This week has seen a ton of criticism -- including on this site -- of Democrats and their labor supporters for pushing an effort to pile up all ballot initiatives and referenda on next November's ballot (because initiatives they don't like might have a better chance on the June primary ballot).
That controversy, however, has obscured another partisan Democratic manuever that is good for California, and especially Los Angeles.
The state Democratic party is making a serious push to increase voting by mail in Los Angeles.
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For the party, this is a way of getting more people to the polls in a Democratic region. But the push is also important for the goal of boosting voter participation.
LA lags badly behind the rest of the state in voting. One factor is that the county has not adopted the aggresive use of mail balloting that the rest of the state has. The statewide percentage of ballots cast by mail is above 50 percent. In LA, it's 30 percent.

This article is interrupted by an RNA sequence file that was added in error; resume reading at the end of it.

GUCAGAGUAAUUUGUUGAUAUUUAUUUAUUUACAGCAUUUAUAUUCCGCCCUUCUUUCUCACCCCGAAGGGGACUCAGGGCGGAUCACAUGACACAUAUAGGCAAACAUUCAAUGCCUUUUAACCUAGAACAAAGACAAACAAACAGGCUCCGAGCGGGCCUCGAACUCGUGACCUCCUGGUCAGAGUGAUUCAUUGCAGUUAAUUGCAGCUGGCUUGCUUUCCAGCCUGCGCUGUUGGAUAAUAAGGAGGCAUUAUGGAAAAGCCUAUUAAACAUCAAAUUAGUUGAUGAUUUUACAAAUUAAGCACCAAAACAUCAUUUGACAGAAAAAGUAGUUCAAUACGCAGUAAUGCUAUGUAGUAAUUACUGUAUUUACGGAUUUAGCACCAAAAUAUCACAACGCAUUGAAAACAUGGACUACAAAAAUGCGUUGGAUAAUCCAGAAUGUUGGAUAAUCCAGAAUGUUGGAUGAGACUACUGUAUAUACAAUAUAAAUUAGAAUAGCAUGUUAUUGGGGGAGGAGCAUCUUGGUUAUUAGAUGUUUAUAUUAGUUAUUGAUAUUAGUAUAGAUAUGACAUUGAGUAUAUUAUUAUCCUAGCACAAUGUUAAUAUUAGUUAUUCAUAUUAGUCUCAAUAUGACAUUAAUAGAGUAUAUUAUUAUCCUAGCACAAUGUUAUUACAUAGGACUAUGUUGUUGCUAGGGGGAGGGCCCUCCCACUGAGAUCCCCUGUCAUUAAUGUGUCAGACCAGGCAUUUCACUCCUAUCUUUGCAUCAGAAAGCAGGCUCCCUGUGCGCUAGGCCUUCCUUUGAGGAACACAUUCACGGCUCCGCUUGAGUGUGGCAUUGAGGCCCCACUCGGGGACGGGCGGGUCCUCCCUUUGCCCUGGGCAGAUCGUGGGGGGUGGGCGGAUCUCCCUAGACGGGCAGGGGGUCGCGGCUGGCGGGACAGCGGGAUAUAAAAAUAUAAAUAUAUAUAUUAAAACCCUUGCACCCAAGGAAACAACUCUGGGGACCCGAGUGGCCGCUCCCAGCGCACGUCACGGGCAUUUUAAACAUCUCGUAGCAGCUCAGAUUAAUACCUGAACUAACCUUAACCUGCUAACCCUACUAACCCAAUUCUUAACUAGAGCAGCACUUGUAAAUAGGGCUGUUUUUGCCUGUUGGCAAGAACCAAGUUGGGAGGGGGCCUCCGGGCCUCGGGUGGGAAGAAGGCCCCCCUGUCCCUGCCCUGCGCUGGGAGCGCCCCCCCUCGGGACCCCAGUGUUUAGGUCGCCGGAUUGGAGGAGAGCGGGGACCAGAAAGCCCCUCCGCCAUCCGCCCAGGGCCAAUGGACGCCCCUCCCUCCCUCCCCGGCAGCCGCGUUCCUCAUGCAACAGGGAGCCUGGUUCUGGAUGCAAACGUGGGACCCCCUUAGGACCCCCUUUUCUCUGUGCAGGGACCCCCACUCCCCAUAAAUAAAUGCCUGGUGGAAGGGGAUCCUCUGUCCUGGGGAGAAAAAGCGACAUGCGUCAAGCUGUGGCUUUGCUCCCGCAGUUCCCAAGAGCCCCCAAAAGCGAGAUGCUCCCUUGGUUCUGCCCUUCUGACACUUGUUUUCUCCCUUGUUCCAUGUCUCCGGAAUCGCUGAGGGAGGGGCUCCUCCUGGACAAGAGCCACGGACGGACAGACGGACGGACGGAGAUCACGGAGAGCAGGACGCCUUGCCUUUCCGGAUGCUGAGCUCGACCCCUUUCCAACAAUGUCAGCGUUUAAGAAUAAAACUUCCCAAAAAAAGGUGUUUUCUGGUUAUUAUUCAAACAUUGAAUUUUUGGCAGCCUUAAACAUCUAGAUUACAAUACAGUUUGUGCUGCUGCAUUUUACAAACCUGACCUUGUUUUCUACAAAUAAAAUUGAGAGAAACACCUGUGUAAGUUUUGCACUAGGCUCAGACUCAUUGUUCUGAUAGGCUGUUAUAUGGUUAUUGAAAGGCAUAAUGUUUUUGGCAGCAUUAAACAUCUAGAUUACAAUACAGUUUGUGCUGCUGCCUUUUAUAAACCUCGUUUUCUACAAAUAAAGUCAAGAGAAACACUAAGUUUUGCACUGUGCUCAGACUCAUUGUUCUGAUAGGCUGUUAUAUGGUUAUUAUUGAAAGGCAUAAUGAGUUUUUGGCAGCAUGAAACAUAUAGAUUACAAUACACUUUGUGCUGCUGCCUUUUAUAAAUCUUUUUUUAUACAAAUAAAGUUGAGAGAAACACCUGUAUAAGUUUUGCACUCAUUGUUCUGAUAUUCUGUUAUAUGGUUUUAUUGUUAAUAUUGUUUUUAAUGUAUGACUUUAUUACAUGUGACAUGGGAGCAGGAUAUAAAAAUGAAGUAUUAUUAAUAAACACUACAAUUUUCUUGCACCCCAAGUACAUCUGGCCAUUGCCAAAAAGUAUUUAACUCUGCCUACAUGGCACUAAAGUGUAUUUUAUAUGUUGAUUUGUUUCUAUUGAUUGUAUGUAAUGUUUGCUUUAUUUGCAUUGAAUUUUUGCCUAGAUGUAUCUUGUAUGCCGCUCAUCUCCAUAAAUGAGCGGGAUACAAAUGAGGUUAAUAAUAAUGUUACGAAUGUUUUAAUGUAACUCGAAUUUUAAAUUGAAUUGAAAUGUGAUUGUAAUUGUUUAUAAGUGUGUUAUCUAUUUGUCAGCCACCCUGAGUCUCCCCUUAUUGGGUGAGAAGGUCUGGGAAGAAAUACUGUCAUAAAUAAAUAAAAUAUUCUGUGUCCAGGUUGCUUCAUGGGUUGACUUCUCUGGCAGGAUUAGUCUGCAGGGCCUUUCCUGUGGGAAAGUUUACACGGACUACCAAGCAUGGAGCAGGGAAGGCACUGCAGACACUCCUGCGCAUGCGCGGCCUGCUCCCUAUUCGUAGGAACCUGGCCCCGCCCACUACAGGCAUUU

A Capitol Weekly story looks at some of the reasons for this, including the high cost, in money and manpower of reaching voters by mail in a county of more than 10 million people, and bureaucratic resistance among local election officials.
Other explanations have been our diversity (voter participation has tended to be highest in the state's most homogenous counties) and the fact that we Angelenos are too busy looking good to vote in state elections that don't matter all that much (my own theory).
Whatever the motives, the investment of money in boosting participation in Los Angeles qualifies as good news.